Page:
The decision-making matrix was developed in this way due to the level of impact each of these problems poses to achieve remission of OA. A recent study found that depression adversely affects the quality of life of patients with KOA.42 For this reason, it is imperative that all participants with symptoms of depression receive adequate treatment.
Ranking varus malalignment ahead of quadriceps weakness was decided with the intent that correcting existing malalignment will help to improve the mechanical functioning of the joint, and in doing so, it will allow the muscles that act on the knee joint to function correctly.
Participant safety and withdrawal
Risk management and safety
Any participant who is identified as suffering from severe depression will be withdrawn from the study and referred to a mental health professional.
Muscle strength testing and strengthening exercises may be performed throughout this study, which carries a slight risk of injury. In the event of harm, participants will be withdrawn from the study and will be referred to appropriate health professionals (eg, physiotherapists, physicians). All serious adverse events will be reported.
Handling of withdrawals
Should a participant withdraw from the study, they will have their reasons for withdrawal recorded, and their scheduled assessments will be maintained regardless of withdrawal status by our data security and handling protocol. Participants who withdraw from the study will not be replaced.
Sample size estimation and justification
A 25% difference in disease remission rate between the two groups would make the programme worthwhile. For this trial, we estimate that 45% of participants in the control group and 70% of participants in the intervention group will have disease remission at 32 weeks. With 68 subjects in each group, there will be sufficient power (80%) to detect a statistically significant difference (P<0.05). After incorporating a dropout rate of 20%, a total of 170 will be needed for the study.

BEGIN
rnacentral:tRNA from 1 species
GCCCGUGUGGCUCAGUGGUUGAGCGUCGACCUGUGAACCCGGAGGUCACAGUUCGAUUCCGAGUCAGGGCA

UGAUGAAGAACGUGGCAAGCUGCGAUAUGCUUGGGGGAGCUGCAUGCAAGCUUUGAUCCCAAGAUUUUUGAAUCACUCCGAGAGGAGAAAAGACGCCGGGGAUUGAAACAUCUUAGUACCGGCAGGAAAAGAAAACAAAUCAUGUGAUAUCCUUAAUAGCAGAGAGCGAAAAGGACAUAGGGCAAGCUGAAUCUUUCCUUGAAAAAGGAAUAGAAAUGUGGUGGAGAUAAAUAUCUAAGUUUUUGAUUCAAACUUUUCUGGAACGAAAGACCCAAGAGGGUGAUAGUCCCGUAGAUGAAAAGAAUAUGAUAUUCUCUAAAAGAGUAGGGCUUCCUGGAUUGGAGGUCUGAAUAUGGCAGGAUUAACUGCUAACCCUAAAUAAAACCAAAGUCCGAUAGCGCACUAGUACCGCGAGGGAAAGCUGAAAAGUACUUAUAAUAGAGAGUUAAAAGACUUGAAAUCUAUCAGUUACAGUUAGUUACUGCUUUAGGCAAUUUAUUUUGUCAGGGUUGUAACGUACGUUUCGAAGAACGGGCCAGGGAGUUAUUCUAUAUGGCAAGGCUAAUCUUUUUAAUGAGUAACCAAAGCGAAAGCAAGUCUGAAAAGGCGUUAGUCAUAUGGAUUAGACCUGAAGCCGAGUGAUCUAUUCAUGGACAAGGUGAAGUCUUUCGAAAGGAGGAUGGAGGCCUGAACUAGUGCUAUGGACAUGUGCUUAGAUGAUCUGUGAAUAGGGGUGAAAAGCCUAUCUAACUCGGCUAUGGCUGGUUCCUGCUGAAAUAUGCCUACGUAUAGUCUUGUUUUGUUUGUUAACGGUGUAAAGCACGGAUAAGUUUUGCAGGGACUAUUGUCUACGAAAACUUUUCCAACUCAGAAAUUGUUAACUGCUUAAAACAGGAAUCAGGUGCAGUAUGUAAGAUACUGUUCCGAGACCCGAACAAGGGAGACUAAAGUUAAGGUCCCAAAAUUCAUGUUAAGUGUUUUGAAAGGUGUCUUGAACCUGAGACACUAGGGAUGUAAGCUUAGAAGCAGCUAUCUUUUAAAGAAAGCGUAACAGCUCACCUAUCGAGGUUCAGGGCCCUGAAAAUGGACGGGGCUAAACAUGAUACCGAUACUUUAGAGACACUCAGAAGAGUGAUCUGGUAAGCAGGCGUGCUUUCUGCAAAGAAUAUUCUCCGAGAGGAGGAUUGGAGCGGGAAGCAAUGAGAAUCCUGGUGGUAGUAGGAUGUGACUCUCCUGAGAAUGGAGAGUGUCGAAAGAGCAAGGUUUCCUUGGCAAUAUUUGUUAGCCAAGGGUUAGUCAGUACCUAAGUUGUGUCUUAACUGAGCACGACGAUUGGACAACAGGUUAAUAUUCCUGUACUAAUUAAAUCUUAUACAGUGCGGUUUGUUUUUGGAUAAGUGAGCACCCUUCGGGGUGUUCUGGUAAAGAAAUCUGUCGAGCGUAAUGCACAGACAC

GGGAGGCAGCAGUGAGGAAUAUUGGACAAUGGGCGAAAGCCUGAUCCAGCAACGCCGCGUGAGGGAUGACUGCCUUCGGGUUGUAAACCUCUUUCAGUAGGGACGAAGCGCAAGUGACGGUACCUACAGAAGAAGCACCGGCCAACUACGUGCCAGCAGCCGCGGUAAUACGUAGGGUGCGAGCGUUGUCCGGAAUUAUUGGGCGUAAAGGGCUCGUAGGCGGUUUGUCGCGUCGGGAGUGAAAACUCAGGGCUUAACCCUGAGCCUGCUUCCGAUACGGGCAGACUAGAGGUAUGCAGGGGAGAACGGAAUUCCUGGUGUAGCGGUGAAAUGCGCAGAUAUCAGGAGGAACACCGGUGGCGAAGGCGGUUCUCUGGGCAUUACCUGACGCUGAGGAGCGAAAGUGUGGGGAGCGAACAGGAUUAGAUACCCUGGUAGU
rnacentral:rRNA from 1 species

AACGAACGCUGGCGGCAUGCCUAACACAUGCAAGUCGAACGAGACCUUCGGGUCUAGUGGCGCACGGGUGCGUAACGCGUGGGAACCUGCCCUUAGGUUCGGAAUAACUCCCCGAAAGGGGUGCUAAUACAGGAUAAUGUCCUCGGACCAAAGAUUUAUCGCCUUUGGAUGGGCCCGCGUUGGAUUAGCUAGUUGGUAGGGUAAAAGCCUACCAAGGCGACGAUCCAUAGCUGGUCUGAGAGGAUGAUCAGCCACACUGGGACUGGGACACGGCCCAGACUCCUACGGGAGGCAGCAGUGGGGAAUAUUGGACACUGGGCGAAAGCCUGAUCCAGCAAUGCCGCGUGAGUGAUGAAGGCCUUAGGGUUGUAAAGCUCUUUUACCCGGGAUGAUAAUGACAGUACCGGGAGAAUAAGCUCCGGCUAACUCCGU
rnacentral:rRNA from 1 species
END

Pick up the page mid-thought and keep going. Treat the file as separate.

Data will be analysed according to the intention-to-treat principle. Baseline demographic characteristics and patient-reported outcome scores will be summarised using mean and SD for continuous variables or median (quartiles) if the distribution is skewed. Counts with percentages will be presented for categorical variables.
The primary outcome of interest is the proportion of patients who achieve remission at 32 weeks. The percentage of patients who achieve remission at 32 weeks will be presented as frequency (percentage) by treatment arm, the difference in proportions will be summarised as mean (95% CI) and analysed using a two-proportion Z-test. Logistic regression will be used to adjust treatment effect for the pertinent baseline demographic and clinical outcomes.
For continuous outcomes, the mean scores (SD) will be presented at each time point by treatment group. The between-group difference in mean change from baseline with 95% CI will be presented for all primary and secondary outcomes and compared using an independent t-test or the Wilcoxon rank-sum test as appropriate. Categorical outcomes will be examined by χ2 test or Fisher’s exact test if expected cell counts are small.
Logistic regression will be used to assess differences between treatments in perceived response and OMERACT-OARSI responder’s criteria. Both unadjusted models and models adjusting for age, gender, BMI and KLG will be performed.
A generalised estimating equation model will be fitted to investigate the effect of interventions over time, including a treatment-by-time interaction term alongside treatment and time main effects. As an exploratory analysis and if numbers allow, pain and function scores will be plotted over time for all possible study arms (ie, OA education and the diet and exercise regime subgroups) and analysed using ANOVA.